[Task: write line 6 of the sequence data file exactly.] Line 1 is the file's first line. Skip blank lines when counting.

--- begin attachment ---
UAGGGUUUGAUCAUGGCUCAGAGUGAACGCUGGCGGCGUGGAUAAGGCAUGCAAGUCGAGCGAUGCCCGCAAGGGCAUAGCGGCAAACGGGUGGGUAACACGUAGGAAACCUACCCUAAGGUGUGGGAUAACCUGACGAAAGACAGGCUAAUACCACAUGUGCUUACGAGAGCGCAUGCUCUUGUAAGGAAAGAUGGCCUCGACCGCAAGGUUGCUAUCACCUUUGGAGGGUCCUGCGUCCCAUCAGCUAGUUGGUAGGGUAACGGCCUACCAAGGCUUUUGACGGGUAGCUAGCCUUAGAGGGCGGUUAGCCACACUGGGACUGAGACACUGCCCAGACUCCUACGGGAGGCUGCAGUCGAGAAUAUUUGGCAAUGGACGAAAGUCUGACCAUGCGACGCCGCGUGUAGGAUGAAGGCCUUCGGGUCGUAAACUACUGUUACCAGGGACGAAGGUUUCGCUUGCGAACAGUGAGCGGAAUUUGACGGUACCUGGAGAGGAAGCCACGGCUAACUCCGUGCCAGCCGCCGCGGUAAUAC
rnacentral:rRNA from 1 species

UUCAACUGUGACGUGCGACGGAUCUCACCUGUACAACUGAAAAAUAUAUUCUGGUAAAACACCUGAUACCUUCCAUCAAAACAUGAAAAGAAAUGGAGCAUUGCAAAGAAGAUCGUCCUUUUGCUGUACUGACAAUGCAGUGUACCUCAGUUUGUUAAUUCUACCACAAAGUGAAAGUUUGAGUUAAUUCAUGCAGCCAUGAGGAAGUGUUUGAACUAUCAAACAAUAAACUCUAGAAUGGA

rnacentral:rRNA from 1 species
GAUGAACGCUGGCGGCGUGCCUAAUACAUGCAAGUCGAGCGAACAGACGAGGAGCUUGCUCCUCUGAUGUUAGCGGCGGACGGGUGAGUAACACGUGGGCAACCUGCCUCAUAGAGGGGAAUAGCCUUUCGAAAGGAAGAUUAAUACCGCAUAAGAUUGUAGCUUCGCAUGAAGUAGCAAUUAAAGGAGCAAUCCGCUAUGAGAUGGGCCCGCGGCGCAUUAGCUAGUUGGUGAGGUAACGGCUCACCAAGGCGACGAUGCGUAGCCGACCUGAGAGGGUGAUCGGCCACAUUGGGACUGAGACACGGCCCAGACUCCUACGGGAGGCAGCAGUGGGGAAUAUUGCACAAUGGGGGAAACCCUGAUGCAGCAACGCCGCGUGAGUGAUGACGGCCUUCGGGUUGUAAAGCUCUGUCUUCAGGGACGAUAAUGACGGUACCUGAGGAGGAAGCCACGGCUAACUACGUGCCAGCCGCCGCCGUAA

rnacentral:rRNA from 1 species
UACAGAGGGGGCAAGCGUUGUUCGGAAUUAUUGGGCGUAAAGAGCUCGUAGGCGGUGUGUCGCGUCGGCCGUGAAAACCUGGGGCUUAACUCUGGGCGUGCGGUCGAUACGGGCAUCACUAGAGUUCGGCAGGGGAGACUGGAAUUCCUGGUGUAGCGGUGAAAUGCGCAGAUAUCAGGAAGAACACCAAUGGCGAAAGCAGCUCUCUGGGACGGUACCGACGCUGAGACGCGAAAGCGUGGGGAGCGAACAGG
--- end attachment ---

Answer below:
rnacentral:rRNA from 1 species